Another silent killer is lurking in our community, and it’s not COVID-19.
The threat is antimicrobial resistance – better known as an onslaught of “superbugs.” These are bacteria and fungi that can no longer be treated with existing antimicrobial drugs.
Between 2017 and 2019, Washington state authorities uncovered 77 infections from the drug-resistant bacteria CRAB (Carbapenem-resistant Acinetobacter baumannii) inside its health care facilities. In Spokane County in 2020, there were nearly 58 drug-resistant staph infections, MRSA (Methicillin-resistant Staphylococcus aureas), per 100,000 hospitalized people. That’s higher than the state average of 45 per 100,000. Both rates are considerably higher than the most recent national data, less than 3 per 100,000 in 2016.
This is not just a local problem. Superbug infections kill more than 35,000 people a year nationwide, and could kill up to 10 million people annually by 2050 if we fail to take action, according to the World Health Organization.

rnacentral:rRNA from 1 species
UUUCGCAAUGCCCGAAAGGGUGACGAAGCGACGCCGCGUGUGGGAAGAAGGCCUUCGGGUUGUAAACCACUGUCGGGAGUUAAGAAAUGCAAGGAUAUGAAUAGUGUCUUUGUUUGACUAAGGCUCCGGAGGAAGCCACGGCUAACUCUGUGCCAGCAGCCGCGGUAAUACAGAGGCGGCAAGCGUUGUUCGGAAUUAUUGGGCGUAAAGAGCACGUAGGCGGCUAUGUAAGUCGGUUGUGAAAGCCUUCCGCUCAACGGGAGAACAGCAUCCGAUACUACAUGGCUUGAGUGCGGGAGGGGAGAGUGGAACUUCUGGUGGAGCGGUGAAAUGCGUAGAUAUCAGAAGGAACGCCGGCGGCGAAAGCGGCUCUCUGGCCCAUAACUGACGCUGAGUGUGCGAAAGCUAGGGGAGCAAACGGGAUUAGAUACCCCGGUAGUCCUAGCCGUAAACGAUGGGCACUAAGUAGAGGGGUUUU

As an infectious diseases specialist at the University of Washington, I’ve lost patients because of a lack of effective antibiotics and other antimicrobial medicines. Antimicrobials have saved countless lives, but they are not keeping up with resistance. This is because when a bacterium or fungus is exposed repeatedly to a drug designed to kill it, it may evolve into a hardier version of itself. These superbug infections can be especially dangerous in hospitals.
We urgently need solutions. Thankfully, there are ways we can stop this looming threat.
Paul S. Pottinger, MD, is a professor of infectious diseases at the University of Washington School of Medicine and co-director of the University of Washington Medical Center Montlake’s Antimicrobial Stewardship Program.
Read the full Spokesman-Review piece here.